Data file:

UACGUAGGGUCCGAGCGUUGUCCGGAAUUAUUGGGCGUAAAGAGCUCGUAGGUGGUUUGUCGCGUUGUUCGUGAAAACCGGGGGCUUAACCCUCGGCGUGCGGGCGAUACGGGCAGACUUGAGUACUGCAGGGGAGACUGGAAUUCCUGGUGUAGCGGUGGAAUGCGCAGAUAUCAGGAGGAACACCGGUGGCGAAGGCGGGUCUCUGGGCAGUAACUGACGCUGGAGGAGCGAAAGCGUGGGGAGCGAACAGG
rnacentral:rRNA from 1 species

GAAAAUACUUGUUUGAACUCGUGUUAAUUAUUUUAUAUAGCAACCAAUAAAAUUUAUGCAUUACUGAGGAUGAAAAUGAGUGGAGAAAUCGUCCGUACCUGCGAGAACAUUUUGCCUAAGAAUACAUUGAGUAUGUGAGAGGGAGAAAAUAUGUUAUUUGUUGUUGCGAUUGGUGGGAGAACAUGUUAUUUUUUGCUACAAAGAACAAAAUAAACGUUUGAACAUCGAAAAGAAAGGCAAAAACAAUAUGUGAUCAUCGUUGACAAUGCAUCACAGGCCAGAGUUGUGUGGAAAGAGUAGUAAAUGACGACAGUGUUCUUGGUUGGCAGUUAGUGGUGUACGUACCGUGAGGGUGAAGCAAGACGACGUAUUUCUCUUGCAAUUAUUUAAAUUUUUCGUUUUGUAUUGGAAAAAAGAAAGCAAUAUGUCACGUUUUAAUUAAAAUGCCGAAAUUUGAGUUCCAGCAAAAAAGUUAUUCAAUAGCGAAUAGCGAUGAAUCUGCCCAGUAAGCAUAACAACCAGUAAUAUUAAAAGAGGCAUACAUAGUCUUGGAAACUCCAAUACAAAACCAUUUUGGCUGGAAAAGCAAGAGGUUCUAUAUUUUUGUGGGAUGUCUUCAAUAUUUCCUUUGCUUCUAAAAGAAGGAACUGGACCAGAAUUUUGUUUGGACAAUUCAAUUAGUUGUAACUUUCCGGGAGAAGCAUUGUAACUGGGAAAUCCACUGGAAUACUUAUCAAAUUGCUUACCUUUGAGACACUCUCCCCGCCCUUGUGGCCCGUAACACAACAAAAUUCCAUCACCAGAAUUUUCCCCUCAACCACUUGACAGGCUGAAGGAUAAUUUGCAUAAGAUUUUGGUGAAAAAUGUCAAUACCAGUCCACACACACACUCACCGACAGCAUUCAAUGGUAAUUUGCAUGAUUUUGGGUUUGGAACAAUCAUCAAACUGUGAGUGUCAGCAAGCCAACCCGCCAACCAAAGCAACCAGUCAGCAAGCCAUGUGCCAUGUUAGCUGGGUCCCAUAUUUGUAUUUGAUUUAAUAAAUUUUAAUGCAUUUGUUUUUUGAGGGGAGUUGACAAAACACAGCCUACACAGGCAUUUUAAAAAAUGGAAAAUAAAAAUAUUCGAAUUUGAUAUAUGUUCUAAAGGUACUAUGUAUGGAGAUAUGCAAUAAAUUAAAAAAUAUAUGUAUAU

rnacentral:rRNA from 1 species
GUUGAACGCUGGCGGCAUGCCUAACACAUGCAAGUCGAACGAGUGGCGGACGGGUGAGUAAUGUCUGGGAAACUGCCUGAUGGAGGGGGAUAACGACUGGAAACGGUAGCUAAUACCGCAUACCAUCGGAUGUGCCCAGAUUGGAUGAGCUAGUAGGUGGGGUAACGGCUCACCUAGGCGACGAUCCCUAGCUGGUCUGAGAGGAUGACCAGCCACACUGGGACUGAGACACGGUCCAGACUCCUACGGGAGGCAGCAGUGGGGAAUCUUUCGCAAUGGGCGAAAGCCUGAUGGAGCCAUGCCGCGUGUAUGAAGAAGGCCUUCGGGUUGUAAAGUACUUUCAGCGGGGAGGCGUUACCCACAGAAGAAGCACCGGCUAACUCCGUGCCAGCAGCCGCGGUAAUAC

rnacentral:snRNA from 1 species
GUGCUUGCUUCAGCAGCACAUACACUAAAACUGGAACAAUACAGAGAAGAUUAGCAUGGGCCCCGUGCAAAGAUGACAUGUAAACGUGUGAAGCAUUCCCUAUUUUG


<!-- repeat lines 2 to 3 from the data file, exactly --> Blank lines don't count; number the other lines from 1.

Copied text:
rnacentral:rRNA from 1 species

GAAAAUACUUGUUUGAACUCGUGUUAAUUAUUUUAUAUAGCAACCAAUAAAAUUUAUGCAUUACUGAGGAUGAAAAUGAGUGGAGAAAUCGUCCGUACCUGCGAGAACAUUUUGCCUAAGAAUACAUUGAGUAUGUGAGAGGGAGAAAAUAUGUUAUUUGUUGUUGCGAUUGGUGGGAGAACAUGUUAUUUUUUGCUACAAAGAACAAAAUAAACGUUUGAACAUCGAAAAGAAAGGCAAAAACAAUAUGUGAUCAUCGUUGACAAUGCAUCACAGGCCAGAGUUGUGUGGAAAGAGUAGUAAAUGACGACAGUGUUCUUGGUUGGCAGUUAGUGGUGUACGUACCGUGAGGGUGAAGCAAGACGACGUAUUUCUCUUGCAAUUAUUUAAAUUUUUCGUUUUGUAUUGGAAAAAAGAAAGCAAUAUGUCACGUUUUAAUUAAAAUGCCGAAAUUUGAGUUCCAGCAAAAAAGUUAUUCAAUAGCGAAUAGCGAUGAAUCUGCCCAGUAAGCAUAACAACCAGUAAUAUUAAAAGAGGCAUACAUAGUCUUGGAAACUCCAAUACAAAACCAUUUUGGCUGGAAAAGCAAGAGGUUCUAUAUUUUUGUGGGAUGUCUUCAAUAUUUCCUUUGCUUCUAAAAGAAGGAACUGGACCAGAAUUUUGUUUGGACAAUUCAAUUAGUUGUAACUUUCCGGGAGAAGCAUUGUAACUGGGAAAUCCACUGGAAUACUUAUCAAAUUGCUUACCUUUGAGACACUCUCCCCGCCCUUGUGGCCCGUAACACAACAAAAUUCCAUCACCAGAAUUUUCCCCUCAACCACUUGACAGGCUGAAGGAUAAUUUGCAUAAGAUUUUGGUGAAAAAUGUCAAUACCAGUCCACACACACACUCACCGACAGCAUUCAAUGGUAAUUUGCAUGAUUUUGGGUUUGGAACAAUCAUCAAACUGUGAGUGUCAGCAAGCCAACCCGCCAACCAAAGCAACCAGUCAGCAAGCCAUGUGCCAUGUUAGCUGGGUCCCAUAUUUGUAUUUGAUUUAAUAAAUUUUAAUGCAUUUGUUUUUUGAGGGGAGUUGACAAAACACAGCCUACACAGGCAUUUUAAAAAAUGGAAAAUAAAAAUAUUCGAAUUUGAUAUAUGUUCUAAAGGUACUAUGUAUGGAGAUAUGCAAUAAAUUAAAAAAUAUAUGUAUAU